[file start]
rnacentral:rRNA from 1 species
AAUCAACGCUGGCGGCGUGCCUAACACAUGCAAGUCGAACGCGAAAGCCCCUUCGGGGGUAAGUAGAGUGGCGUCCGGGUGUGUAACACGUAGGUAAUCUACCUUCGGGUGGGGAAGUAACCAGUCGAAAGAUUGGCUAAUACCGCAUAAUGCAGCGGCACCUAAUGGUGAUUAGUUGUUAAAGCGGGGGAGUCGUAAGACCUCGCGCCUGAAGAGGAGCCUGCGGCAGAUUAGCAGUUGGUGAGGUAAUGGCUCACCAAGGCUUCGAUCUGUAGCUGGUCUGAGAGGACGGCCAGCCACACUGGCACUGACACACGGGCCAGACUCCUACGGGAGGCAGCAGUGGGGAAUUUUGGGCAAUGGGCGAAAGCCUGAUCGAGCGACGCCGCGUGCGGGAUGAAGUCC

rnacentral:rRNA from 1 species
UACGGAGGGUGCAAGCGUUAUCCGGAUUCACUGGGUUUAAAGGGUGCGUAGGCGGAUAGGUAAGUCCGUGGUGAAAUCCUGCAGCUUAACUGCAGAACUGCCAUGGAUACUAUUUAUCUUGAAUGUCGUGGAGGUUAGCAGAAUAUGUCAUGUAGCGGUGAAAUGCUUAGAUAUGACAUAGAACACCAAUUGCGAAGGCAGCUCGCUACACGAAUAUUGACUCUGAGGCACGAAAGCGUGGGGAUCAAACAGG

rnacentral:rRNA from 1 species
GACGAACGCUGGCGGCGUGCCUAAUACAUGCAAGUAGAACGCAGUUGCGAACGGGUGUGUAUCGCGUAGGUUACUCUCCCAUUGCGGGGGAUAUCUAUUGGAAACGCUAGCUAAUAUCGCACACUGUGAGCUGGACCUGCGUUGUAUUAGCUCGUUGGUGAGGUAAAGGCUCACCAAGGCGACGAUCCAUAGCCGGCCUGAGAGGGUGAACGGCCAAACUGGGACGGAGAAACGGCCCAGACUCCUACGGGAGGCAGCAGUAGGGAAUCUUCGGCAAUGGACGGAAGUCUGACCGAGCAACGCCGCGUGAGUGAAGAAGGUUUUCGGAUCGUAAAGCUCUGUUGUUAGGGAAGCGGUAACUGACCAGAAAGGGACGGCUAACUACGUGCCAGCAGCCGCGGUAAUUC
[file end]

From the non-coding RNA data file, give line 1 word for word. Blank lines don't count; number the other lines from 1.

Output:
rnacentral:rRNA from 1 species